Football team nutrition plan

 Planning a proper diet for your football tram is as important as practising set plays. Not introducing and utilizing a good sports diet plan may result in;

Lack of concentration,

General lethargy,

Muscle cramps,

Visual problems,

Blackouts,

 

Proper nutrition means eating well planned meals before and after competitions and general games. This also includes correct and timely liquid intake. A highly tuned engine as the athlete’s body requires superior fuel to accomplish all of the tasks ahead.

Max Inzinger, the nutritional councellor for FIFA in the late 1980's and early 1990's has outlined a basic formula for the requirements of a football player. This is a caloric intake consideration and is calculated with the following formula;

Body size 'X' is a value number = energy needs

Body size is measured in height in centimetres

The value number is represented by the following table;

 

Training frequency

Value number

1-2 times weekly

18

3-4 times weekly

20

1-2 hours daily

22

3-4 hours daily

24

5-6 hours daily

28

 

 The football player's nutritional needs should be broken down with the following considerations; 

  

Carbohydrates

60%

Fat

25%

Protein

15%

 

 The importance of rebuilding components within nutrition are found in the essential minerals, these are;

Potassium

Sodium

Calcium

Magnesium

Iron

Iodine

Vitamins (A, B complexes, C and D)

These should be sourced from whole foods and should be consumed raw whenever possible.

  

  

  

Proper intake of liquids

Although water is vital to the smooth functioning of the body of the football player, it is not the only liquid that is essential. Our sweat is composed of many salts. These salts are the release of essential minerals and need replacing.

  

These are all necessary in the function of daily tasks as they are important as catalysts. These minerals are called electrolytes when in an aqueous (water) solution. Many of these minerals can also be found in a variety of supplements. These nutritional supplements can be in a pill or power form and should be found in a sports nutrition store or outlet.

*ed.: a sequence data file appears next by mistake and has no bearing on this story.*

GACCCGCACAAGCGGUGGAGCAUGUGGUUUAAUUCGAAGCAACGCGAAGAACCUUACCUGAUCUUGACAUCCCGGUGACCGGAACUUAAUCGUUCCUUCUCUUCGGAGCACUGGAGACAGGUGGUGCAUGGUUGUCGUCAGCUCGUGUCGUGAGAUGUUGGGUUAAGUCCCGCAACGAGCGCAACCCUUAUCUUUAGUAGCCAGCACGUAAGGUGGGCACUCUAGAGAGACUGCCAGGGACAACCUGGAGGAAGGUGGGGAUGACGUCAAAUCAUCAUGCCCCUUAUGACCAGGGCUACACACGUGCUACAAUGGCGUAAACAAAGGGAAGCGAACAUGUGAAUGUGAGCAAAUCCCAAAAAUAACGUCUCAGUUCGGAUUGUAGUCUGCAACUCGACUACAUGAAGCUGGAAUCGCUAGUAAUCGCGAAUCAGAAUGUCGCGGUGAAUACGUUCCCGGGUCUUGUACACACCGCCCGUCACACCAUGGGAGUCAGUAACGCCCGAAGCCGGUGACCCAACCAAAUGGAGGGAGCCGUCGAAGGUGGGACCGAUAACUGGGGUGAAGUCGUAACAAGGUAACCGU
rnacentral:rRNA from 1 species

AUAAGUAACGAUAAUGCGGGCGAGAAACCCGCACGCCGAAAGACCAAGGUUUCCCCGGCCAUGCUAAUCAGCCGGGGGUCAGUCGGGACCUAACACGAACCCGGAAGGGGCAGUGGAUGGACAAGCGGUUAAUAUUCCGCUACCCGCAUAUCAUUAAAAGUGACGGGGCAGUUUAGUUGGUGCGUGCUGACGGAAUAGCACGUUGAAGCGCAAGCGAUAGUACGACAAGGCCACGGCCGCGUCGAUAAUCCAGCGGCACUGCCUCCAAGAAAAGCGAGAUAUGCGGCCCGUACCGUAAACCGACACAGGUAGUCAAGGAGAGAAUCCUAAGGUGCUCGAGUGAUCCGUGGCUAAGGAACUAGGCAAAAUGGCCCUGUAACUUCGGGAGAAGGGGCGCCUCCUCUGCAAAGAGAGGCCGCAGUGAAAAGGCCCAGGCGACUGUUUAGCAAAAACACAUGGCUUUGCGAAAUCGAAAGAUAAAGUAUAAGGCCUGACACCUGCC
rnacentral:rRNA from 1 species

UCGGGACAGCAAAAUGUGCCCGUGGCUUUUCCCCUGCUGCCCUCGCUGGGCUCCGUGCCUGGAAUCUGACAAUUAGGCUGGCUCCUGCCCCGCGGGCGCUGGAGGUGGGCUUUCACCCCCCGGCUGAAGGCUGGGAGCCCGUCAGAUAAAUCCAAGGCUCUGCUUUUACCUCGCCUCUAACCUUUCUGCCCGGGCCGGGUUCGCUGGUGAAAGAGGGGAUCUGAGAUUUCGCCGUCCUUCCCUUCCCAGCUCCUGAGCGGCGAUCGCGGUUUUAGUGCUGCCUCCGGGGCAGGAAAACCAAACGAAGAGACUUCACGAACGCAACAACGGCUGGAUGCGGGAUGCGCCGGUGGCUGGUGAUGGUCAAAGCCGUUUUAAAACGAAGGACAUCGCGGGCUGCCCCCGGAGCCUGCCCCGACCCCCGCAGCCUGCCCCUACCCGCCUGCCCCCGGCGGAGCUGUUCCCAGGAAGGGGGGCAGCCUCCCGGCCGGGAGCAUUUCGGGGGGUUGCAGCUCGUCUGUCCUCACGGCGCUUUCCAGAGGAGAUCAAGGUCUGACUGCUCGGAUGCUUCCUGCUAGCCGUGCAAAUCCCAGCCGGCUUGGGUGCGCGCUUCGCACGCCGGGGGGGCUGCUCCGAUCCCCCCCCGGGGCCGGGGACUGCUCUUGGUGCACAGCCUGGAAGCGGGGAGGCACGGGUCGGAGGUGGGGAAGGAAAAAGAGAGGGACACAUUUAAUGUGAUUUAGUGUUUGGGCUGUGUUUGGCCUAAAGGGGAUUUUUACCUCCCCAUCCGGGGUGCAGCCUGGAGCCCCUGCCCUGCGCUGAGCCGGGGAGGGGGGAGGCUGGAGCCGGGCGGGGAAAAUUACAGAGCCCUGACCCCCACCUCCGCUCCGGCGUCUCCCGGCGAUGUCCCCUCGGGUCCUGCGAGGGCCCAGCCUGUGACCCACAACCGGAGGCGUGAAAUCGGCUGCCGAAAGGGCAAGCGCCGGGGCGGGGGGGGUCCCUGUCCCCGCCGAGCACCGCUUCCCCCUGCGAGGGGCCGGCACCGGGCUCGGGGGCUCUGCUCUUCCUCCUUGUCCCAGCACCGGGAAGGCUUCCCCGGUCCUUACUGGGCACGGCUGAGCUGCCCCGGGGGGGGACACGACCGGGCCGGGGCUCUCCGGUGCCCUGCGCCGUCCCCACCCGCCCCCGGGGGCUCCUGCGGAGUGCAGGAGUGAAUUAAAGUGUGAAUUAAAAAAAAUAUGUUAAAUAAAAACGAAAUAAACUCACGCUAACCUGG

Replacing body fluids starts at least 2hours before a game. This is important to note because in a very fast paced game and in hot climiates a player can lose as much as 3litres (3quarts) in the form of sweat and transpiration. Liquid needs to be replaced at half time and if possible during the game, especially on hot or humid days. The liquid should be at or around normal body temperature as cold liquids are absorbed slower. These electrolytes should be moderated and not gulped as the body will utilize smaller quantities more easily. Players can formulate their own sports drinks but need to use little sugar and use a combination fruit juices and water. Even fruit juices with high sugar content and carbonated or soda drinks should be avoided. This is because of the 'sugar rush' which is short lived and produces a type of lethargy. If a football player uses powdered sports drinks the direction should be followed carefully as a high doasge of electrolytes will also speed up the loss of fluids. Remember the body wants to be balanced and will react and adjust itself accordingly.

 

 

 

Natural Foods

Natural food sources are best as the body is used to taking foods and breaking them down in small nutrient groups. What we don't use is turned to waste which includes the over use of supplements. The more you exercise the more your body will use. . . so combine your nutrition with great workouts and make sure your great workouts are rewarded with great nutrition meals.

Notice Board

NRFL Division 2 - Round 20

This week our lads are playing at home on Rosedale

Albany United vs Waiheke

Development - 12.30pm and Firsts - 3:00pm kickoff

#COYR 

 

Coming Soon........

Beer Pong night - 19th August

Quiz night - 2nd September

Golf Tournament

Club Gear

Facebook QR code

 

 

Club Sponsors

Charitable Trusts

Photo Gallery